Atoms and Radioactivity
Electrons, Protons and Neutrons
Atoms are made up of electrons, protons and neutrons:
- an electron is an extremely small particle with a negative charge which orbits the nucleus of an atom, making up the outer shells of the atom.
- a proton is a positvely charged particle found in the nucleous of an atom and
- a neutron is an uncharged particle found in the nucleous of an atom.
Atomic Number = No. of Protons in the nucleous
Atomic Mass = No. of nucleons (protons and neutrons) in the nucleus
Atomic Number = No, of electrons
Group Number = No. of Electrons in outer shell
Alpha particles are helium nuclei ejected from unstable nuclei. They are heavily ionising and have only a short range - travelling only 10cm (appozimately) in air. Alpha particles can be stopped by thn card.
Beta particles are fast movng electrons ejected from unstable nuclei. They are less ionising than alpah particles and can travel long distances in the air. They are stopped by 1-2mm of aluminium.
Gamma rays are photons of high energy electromagnetic waves. They are extremely penetrating and interact with stoms which may then emit ionising radiation. They are only stopped by very thick lead (often tens of cm).
Radioactive forms (isotopes) of elements decay randomly over time emitting combinations of the different types of ionsing radiation. The emission of gamma rays has no effect on the atomic mass or charge of the decaying atom but gamma ray emission occurs with other types of radiation.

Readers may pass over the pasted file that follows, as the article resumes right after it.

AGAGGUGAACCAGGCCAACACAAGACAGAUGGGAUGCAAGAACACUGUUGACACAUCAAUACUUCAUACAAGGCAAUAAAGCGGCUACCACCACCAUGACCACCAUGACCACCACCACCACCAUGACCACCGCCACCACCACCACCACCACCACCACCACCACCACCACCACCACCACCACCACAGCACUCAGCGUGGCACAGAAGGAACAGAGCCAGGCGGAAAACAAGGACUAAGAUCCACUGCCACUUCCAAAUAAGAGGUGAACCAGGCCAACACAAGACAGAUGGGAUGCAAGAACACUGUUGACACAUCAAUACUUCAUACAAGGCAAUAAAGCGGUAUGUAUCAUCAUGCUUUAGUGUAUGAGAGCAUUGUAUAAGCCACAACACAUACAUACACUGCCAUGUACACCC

Both alpha and beta emissions cause a change in the atomic number of the original decaying element - in both processes the original element turns into another element.
Decay euations must balance - the sum of atomic masses before and after must be the same. The sum of the atomc numbers must be the same before and after.
Radiation and Half-Life
Detecting Ionising Radiation
Nuclear radiation can ionise atoms that it interacts with. This can be detected in a variety of ways:
- Photographic film - This is used in badges worn by workers at frisk from continous exposure to radiation. THe badge becomes fogged when exposed to ionising radiation. The badges are checked regularly to ensure safety limits are not exceeded.
- The Geiger-Muller tube - When ionising radiation enters the GM tube, it ioises the gases within allowing a pulse of current to pass between the electrodes. This is then fed to either a counter or rate metre.
Sources of Background Radiation
- Rocks - The slow decay of isotopes of uranium produces radon and thoron gases. Radon is highly radioactive and is a particular problem in certain parts of the UK, such…